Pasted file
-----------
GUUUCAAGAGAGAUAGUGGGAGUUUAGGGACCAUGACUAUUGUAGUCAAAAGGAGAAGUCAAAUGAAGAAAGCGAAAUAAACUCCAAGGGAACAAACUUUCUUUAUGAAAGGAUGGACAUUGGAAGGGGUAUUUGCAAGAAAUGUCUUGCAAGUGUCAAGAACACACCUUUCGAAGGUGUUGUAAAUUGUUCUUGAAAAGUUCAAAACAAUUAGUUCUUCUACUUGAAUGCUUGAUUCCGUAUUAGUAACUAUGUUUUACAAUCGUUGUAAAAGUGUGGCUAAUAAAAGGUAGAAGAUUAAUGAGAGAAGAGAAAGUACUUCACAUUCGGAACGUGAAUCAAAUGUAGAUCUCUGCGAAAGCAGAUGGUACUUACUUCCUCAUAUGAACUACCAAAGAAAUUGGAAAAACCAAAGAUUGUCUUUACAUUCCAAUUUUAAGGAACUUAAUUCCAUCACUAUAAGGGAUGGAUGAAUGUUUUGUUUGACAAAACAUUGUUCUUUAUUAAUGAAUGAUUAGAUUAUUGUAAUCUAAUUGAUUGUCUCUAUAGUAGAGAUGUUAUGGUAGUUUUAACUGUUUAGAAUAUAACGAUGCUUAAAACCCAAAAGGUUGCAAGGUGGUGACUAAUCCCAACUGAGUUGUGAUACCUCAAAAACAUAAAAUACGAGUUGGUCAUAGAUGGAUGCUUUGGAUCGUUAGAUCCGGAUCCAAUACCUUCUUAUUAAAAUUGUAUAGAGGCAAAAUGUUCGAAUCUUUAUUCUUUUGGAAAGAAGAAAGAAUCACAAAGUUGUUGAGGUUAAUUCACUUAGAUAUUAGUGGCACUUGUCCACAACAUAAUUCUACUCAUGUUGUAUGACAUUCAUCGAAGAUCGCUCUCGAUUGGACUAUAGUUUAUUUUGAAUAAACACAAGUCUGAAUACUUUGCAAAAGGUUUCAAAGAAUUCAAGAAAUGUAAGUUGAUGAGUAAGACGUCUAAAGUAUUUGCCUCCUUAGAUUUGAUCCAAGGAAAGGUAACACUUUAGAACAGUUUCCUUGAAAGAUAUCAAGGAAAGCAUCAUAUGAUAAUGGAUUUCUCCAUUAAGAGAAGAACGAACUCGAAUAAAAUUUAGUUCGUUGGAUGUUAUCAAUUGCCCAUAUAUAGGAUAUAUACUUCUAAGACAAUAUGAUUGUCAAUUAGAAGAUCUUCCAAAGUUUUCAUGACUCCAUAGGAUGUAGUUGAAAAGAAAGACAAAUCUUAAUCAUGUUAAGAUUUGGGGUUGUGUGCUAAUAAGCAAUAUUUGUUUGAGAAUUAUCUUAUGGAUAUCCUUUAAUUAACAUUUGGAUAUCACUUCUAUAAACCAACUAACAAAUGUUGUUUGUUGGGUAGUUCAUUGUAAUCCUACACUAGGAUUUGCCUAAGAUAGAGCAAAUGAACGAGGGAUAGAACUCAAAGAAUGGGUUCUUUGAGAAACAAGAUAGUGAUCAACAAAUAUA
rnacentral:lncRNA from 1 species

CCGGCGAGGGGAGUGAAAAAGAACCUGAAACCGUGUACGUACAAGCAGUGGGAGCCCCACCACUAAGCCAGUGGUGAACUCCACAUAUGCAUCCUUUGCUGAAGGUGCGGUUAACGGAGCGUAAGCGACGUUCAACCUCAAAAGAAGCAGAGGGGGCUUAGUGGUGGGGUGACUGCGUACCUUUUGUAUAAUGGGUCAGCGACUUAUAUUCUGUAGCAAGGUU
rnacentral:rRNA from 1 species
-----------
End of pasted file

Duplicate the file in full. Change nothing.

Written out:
GUUUCAAGAGAGAUAGUGGGAGUUUAGGGACCAUGACUAUUGUAGUCAAAAGGAGAAGUCAAAUGAAGAAAGCGAAAUAAACUCCAAGGGAACAAACUUUCUUUAUGAAAGGAUGGACAUUGGAAGGGGUAUUUGCAAGAAAUGUCUUGCAAGUGUCAAGAACACACCUUUCGAAGGUGUUGUAAAUUGUUCUUGAAAAGUUCAAAACAAUUAGUUCUUCUACUUGAAUGCUUGAUUCCGUAUUAGUAACUAUGUUUUACAAUCGUUGUAAAAGUGUGGCUAAUAAAAGGUAGAAGAUUAAUGAGAGAAGAGAAAGUACUUCACAUUCGGAACGUGAAUCAAAUGUAGAUCUCUGCGAAAGCAGAUGGUACUUACUUCCUCAUAUGAACUACCAAAGAAAUUGGAAAAACCAAAGAUUGUCUUUACAUUCCAAUUUUAAGGAACUUAAUUCCAUCACUAUAAGGGAUGGAUGAAUGUUUUGUUUGACAAAACAUUGUUCUUUAUUAAUGAAUGAUUAGAUUAUUGUAAUCUAAUUGAUUGUCUCUAUAGUAGAGAUGUUAUGGUAGUUUUAACUGUUUAGAAUAUAACGAUGCUUAAAACCCAAAAGGUUGCAAGGUGGUGACUAAUCCCAACUGAGUUGUGAUACCUCAAAAACAUAAAAUACGAGUUGGUCAUAGAUGGAUGCUUUGGAUCGUUAGAUCCGGAUCCAAUACCUUCUUAUUAAAAUUGUAUAGAGGCAAAAUGUUCGAAUCUUUAUUCUUUUGGAAAGAAGAAAGAAUCACAAAGUUGUUGAGGUUAAUUCACUUAGAUAUUAGUGGCACUUGUCCACAACAUAAUUCUACUCAUGUUGUAUGACAUUCAUCGAAGAUCGCUCUCGAUUGGACUAUAGUUUAUUUUGAAUAAACACAAGUCUGAAUACUUUGCAAAAGGUUUCAAAGAAUUCAAGAAAUGUAAGUUGAUGAGUAAGACGUCUAAAGUAUUUGCCUCCUUAGAUUUGAUCCAAGGAAAGGUAACACUUUAGAACAGUUUCCUUGAAAGAUAUCAAGGAAAGCAUCAUAUGAUAAUGGAUUUCUCCAUUAAGAGAAGAACGAACUCGAAUAAAAUUUAGUUCGUUGGAUGUUAUCAAUUGCCCAUAUAUAGGAUAUAUACUUCUAAGACAAUAUGAUUGUCAAUUAGAAGAUCUUCCAAAGUUUUCAUGACUCCAUAGGAUGUAGUUGAAAAGAAAGACAAAUCUUAAUCAUGUUAAGAUUUGGGGUUGUGUGCUAAUAAGCAAUAUUUGUUUGAGAAUUAUCUUAUGGAUAUCCUUUAAUUAACAUUUGGAUAUCACUUCUAUAAACCAACUAACAAAUGUUGUUUGUUGGGUAGUUCAUUGUAAUCCUACACUAGGAUUUGCCUAAGAUAGAGCAAAUGAACGAGGGAUAGAACUCAAAGAAUGGGUUCUUUGAGAAACAAGAUAGUGAUCAACAAAUAUA
rnacentral:lncRNA from 1 species

CCGGCGAGGGGAGUGAAAAAGAACCUGAAACCGUGUACGUACAAGCAGUGGGAGCCCCACCACUAAGCCAGUGGUGAACUCCACAUAUGCAUCCUUUGCUGAAGGUGCGGUUAACGGAGCGUAAGCGACGUUCAACCUCAAAAGAAGCAGAGGGGGCUUAGUGGUGGGGUGACUGCGUACCUUUUGUAUAAUGGGUCAGCGACUUAUAUUCUGUAGCAAGGUU
rnacentral:rRNA from 1 species